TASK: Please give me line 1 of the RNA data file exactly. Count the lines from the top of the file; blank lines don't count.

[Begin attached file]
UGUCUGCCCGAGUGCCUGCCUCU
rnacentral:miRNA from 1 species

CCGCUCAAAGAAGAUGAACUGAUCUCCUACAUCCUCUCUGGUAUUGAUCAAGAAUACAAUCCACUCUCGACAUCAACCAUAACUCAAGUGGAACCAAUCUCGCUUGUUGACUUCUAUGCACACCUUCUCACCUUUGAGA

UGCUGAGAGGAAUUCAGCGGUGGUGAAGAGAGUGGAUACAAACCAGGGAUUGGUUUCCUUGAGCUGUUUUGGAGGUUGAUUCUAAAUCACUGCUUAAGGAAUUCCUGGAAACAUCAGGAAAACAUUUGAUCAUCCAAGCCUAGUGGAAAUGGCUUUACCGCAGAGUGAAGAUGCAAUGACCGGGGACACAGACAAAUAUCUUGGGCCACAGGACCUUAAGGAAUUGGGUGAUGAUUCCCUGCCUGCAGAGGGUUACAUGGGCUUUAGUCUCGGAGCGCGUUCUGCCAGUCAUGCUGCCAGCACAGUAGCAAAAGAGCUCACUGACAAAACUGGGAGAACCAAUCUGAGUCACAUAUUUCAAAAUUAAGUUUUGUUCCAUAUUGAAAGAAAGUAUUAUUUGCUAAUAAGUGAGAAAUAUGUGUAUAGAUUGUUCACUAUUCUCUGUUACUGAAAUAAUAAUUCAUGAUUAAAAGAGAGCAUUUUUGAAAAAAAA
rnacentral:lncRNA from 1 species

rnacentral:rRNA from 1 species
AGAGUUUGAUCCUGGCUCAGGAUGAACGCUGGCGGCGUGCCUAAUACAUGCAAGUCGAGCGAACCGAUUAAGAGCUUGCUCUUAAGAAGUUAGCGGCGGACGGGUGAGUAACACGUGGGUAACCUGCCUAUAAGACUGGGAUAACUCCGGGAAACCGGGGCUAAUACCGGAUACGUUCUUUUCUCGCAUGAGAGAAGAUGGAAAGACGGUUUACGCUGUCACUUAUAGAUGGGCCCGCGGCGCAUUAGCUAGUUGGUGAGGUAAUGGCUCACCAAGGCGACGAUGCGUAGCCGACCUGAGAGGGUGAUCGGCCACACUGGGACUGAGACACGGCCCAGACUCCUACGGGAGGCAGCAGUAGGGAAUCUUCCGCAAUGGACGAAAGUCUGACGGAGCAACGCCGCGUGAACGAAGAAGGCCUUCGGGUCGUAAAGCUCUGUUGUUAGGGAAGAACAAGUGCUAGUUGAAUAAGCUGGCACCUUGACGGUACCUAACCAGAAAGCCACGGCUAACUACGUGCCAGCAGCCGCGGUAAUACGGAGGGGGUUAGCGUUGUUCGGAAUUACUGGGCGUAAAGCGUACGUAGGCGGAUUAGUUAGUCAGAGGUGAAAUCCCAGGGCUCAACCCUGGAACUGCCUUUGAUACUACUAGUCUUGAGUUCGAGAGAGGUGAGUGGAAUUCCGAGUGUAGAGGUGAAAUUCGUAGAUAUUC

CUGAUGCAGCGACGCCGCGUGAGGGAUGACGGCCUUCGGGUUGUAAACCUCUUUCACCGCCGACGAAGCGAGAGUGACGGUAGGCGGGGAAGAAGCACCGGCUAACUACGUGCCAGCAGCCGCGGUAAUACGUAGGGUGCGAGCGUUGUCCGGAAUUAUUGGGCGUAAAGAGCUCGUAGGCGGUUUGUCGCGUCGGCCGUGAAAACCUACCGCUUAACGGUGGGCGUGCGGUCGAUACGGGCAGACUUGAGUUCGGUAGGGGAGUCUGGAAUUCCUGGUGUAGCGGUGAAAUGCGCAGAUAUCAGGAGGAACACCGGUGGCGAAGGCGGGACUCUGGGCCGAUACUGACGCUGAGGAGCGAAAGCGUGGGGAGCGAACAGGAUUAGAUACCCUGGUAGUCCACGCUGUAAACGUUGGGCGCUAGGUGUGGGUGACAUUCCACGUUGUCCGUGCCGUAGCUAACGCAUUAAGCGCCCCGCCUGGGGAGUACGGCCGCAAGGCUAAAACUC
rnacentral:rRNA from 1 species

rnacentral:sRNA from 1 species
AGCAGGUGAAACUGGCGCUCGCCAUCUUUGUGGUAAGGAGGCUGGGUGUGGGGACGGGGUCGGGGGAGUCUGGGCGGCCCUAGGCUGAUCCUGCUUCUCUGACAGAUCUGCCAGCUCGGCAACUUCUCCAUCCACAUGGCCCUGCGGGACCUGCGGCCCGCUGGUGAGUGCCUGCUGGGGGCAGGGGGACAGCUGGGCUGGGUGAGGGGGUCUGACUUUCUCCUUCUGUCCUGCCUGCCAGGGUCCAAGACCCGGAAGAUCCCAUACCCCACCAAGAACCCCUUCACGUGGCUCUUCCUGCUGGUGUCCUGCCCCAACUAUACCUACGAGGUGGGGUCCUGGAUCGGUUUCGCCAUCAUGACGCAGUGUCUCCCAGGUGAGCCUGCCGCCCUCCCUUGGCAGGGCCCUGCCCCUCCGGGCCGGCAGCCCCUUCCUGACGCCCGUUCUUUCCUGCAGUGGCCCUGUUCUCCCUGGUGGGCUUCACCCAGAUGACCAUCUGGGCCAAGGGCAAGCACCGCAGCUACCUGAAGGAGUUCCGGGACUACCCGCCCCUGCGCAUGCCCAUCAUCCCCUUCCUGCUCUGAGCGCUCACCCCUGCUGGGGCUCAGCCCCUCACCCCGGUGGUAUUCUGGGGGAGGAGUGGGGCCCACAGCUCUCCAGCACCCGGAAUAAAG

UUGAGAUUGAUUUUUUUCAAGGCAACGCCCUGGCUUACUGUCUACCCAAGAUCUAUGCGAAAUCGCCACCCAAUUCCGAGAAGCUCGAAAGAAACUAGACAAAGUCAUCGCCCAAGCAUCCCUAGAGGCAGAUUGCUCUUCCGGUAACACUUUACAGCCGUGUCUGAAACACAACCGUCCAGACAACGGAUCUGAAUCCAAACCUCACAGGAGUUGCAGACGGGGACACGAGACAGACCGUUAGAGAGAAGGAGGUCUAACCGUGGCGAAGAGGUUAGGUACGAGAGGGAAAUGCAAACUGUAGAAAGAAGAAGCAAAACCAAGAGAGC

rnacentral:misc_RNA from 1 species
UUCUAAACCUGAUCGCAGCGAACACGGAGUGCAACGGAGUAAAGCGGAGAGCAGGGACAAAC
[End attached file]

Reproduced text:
UGUCUGCCCGAGUGCCUGCCUCU